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Neighbor: Elderly neglect reported

Concerned friends tried to sneak woman food

POSTED: April 23, 2008 5:02 a.m.
SCOTT ROGERS/The Times

Benny Charles lives across from the Hazel Street house where Gladys Smallwood lived with her son, Larry Smallwood, and his live-in girlfriend Brenda Ivey. Charles said he called the Division of Family and Children's Services several times for Gladys Smallwood, who authorities say was left to lie in human waste without food or medical treatment.

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A neighbor and a relative of Gladys Smallwood both insist they called social service agencies to get help for the 79-year-old woman prior to her death from suspected neglect, but officials with both the state Division of Family and Children Services and Division of Aging Services say they could find no record of those calls.

People who knew the aging widow said she lived in near-starvation and squalor with her son Larry Smallwood, and his live-in girlfriend, Brenda Ivey, in a small wood-frame house on Hazel Street off Atlanta Highway.

"I called DFCS three times," said Benny Charles, who lives across the street from the home, where Gladys Smallwood was allegedly left to lie in bed in human waste without adequate food or medical treatment, while her son told neighbors she was in a nursing home. "They knew about this last year. I never saw one DFCS car out there. Not the first one."

In fact, under current law, DFCS would not have been responsible for investigating the case.

In Georgia, Adult Protective Services, the entity responsible for investigating elder abuse and neglect, no longer falls under the Division of Family and Children Services, as it did as recently as 2002. Instead, all elder-related calls to DFCS are referred to the Division of Aging Services in Atlanta, officials said.

"A referral (of a case) would not come from DFCS," said DFCS spokeswoman Beverly Jones. "If we got a call, we would refer them to Adult Protective Services."

Hall County DFCS director Bebe Philbin said in a brief phone interview Friday that she could not "confirm or deny" any investigations, and that she "can’t give out that information," on specific cases. Philbin then referred all questions to Jones, the official DFCS spokeswoman in Atlanta.

Jones said that a search Friday of phone logs at the Hall County DFCS office for the first two months of 2008 turned up no informational referrals for a case involving a Gladys Smallwood.

Smallwood was admitted to Northeast Georgia Medical Center on Feb. 25 after her son called for an ambulance. Hospital officials called Adult Protective Services the following day to report Smallwood’s condition, which included what law enforcement officials described as a "serious infection."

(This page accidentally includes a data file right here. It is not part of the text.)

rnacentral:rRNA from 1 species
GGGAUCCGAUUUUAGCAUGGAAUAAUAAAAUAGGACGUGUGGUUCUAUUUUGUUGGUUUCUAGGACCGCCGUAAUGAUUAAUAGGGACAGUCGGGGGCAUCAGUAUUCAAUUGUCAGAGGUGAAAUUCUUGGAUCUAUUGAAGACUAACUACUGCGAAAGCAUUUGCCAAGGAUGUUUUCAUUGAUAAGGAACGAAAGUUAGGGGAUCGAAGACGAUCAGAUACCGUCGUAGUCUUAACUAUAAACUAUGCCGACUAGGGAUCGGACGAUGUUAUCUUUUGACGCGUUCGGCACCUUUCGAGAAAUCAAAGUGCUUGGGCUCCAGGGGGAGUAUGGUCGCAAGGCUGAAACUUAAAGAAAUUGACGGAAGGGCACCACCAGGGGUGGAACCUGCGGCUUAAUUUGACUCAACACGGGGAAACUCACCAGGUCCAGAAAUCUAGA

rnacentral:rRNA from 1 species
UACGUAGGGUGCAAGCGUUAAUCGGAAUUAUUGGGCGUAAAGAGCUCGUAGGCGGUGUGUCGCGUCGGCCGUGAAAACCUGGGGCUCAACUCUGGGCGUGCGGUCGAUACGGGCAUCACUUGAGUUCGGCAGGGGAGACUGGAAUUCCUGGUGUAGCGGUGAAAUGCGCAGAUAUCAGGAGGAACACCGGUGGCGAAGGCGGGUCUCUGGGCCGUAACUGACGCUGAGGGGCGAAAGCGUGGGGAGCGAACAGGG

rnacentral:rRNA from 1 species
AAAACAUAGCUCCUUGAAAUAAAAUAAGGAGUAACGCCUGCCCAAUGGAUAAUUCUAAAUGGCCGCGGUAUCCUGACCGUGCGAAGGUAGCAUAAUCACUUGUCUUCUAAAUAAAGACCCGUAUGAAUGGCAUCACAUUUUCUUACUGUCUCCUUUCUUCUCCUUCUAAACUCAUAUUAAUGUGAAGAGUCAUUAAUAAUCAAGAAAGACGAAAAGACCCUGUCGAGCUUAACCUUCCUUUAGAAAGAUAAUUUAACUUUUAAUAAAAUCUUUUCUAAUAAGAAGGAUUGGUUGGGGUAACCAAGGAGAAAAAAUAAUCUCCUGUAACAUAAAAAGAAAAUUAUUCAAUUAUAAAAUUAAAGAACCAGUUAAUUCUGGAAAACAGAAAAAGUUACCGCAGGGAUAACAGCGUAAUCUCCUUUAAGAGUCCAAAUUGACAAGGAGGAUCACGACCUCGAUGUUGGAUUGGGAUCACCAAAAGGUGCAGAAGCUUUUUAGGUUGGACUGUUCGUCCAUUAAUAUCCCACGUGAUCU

"We told the hospital to call law enforcement to make a report because the person was already in a safe environment," Adult Protective Services spokeswoman Edna Jackson said. Jackson said that was the first call that her agency received on the case.

Soon after, a criminal investigation began.

Meanwhile, on March 3, as Gladys Smallwood lay dying in a hospital bed, Ivey cashed a Social Security check made out to the widow for $272 at an Atlanta Highway grocery store, investigators allege in court documents. Ivey had a misdemeanor family violence battery case pending in state court at the time. The charge stemmed from a July 2007 incident in which she allegedly struck Gladys Smallwood in the face in a dispute over food, causing her to bleed and bruise.

That injury to her cheek never healed, according to Charles, the neighbor, because she never got proper medical treatment for it.

Charles said he and others in the neighborhood would sneak food to the woman while her son and Ivey were away.

"All my friends took her something to eat," he said. "You had to take the trash back with you, so (Larry Smallwood and Ivey) wouldn’t find out."

Once her son found out, Gladys Smallwood no longer allowed neighbors to give her food, Charles said.

Charles claimed that when Larry Smallwood was offered information on the local Meals on Wheels program for elderly shut-ins, "he took the papers and tore ‘em up. He said, ‘I don’t need your damn help.’"

Others who encountered Gladys Smallwood, including a great-great-niece and a witness to the alleged assault involving Ivey, said they made calls to social service agencies on her behalf.

Beverly Emmett, a distant relative of Smallwood’s, said she called a toll-free number in Atlanta after being given the number from the local DFCS office and left a message.

"I left a message and nobody ever contacted me back," Emmett said.

Charles claimed another concerned person called an Atlanta phone number three times and no action was taken.

Department of Human Resources officials said it is difficult to confirm or deny those claims without knowing when the calls were made, what numbers were called and what information was provided by the callers. Any record of informational referrals made in the Hall County DFCS office prior to July 2007 would be shredded, Jones said.

Smallwood and Ivey remain in the Hall County jail without bond, charged with abuse of a person older than 65 and forgery.

Hall County District Attorney Lee Darragh would not comment Friday on whether he is considering murder charges.

"Pending the results of the ongoing investigation, we will be making a determination as to whether any additional charges would be warranted," Darragh said.

Emmett, the relative, is convinced that her great-great-aunt was failed by the system.

"Something should have been done years ago and it wasn’t," Emmett said. "And it took her death to make people realize that."



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